The Nutcracker is an animated short originally featured in episode #13 of Mickey Mouse Works. It was later featured in Mickey's Magical Christmas: Snowed in at the House of Mouse and the House of Mouse episode "Pete's Christmas Caper". As the title suggests, it is an adaptation of The Nutcracker, but it also finds its roots in the stage show Mickey's Nutcracker, which was performed at Disneyland's Videopolis theater in 1991.
It is Christmas Eve, and a girl named Maria (Minnie Mouse) is admiring her Christmas presents as an offscreen narrator (voiced by John Cleese) rhetorically asks, "Who could describe them all?" At that point, Maria's guardian, Godpapa Drosselmeyer (Ludwig Von Drake) answers that by attempting to describe the toys before the narrator interrupts him, telling him that he wasn't really supposed to answer his question, and orders him to "pretend I'm not even here." Drosselmeyer proceeds to present Maria with his special gift for her - a beautiful nutcracker doll in the likeness of Mickey Mouse, which took him all year to build. During this, he again argues with the narrator when he keeps describing the doll before Drosselmeyer himself can finish the description. Maria loves her nutcracker and is even more enchanted when she pulls the wind-up key on its back and it starts dancing. Drosselmeyer, however, points out that it's not supposed to dance, and unscrews its head off in an attempt to find out why. But Maria takes offense at him "breaking" the Nutcracker, and the narrator promptly kicks him out of the story.
Maria ties the Nutcracker's head back on and expresses her desire for him to be real so that she could dance with him. The Nutcracker suddenly flashes a smile at her, which startles her and makes her wonder if she's seeing things. She suddenly shrinks to the size of the Nutcracker and finds herself panicking at the sight of her now-gigantic, evil-looking toys. In the course of this, she trips on some giant skates and gets herself tied up in the tree trimming. Fortunately, the now-living Nutcracker shows up to cut her loose, saying he wants to thank her for her kindness. The two engage in a romantic dance, but their interlude is cut short by the appearance of the villainous Mouse King, played by a reluctant Donald Duck. Donald objects that he does not want to play the part and immediately storms off, but the narrator convinces him to stay by telling him that "the Mouse King wins in the end." With that, Donald resumes the part as normal and, as the Mouse King, arrives to kidnap Maria so he can make her his queen. The Nutcracker tries to stop him, but the Mouse King promptly kicks him out of the way and zaps Maria trapping her within his scepter he seals the entrance to his "kingdom" (one of the gift boxes) behind him.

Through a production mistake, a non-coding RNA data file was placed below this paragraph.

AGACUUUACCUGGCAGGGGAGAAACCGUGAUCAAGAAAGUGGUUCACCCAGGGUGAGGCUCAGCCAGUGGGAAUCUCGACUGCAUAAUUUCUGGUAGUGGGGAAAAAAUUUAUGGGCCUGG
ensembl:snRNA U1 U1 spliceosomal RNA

As the Nutcracker ponders a way to get in, Goofy suddenly shows up behind him. Mickey steps out of character for a moment to ask Goofy what it is he's doing here. Goofy responds that he has come to help, to which Mickey responds by asking what role he's supposed to be playing. ("Uh, Hamlet?") After Mickey clarifies his question, Goofy answers that he'll be the Magical Snow Fairy who will transport the Nutcracker to the Mouse King's kingdom, and then promptly opens the doorway with a snap of his fingers. The two make their way to the Mouse King's castle, where the Mouse King is attempting to crown Maria his queen, to no avail (she keeps dodging her head). The Nutcracker demands the "mousey monarch" to let Maria go, and then gets into a duel with the Mouse King. During this, the Snow Fairy tries to untie Maria, but without success. In the course of the fight, the Mouse King accidentally leaps off of the platform and falls downward. The Nutcracker then frees Maria from her ropes, and they try to escape, but the Snow Fairy gets zapped by the Mouse King and is trapped in his scepter.
Upon making it back into Maria's home, she and the Nutcracker try to seal the doorway to the Mouse King's world, but he makes it back out anyway thanks to his train. They manage to destroy it by splitting the tracks in half. The Mouse King then chases the pair up Maria's Christmas tree. Upon reaching the top, the Nutcracker slices the star off the top so that it knocks out the Mouse King, causing him to drop all the way to the floor and end up getting zapped by and trapped in his own scepter. (Upon hearing Donald's complaint about him not winning as promised, the narrator remarks, "Sorry, I made a mistake.") With the Mouse King now stuck having to play card games with the Snow Fairy inside the scepter, Maria and the Nutcracker resume their dance.
Just as Maria's dream is ending, Godpapa Drosselmeyer suddenly reappears, explaining to the narrator he needed to come back in order to reclaim his scepter. Drosselmeyer explains that he is actually the King of the Sugar Plum Fairies, who was usurped by the Mouse King; now that he has his scepter back, he can resume his royal duties and then flies off with his fellow Sugar Plum Fairies. The narrator ends the story by saying he had no idea what this last part had to do with anything and promptly leaves.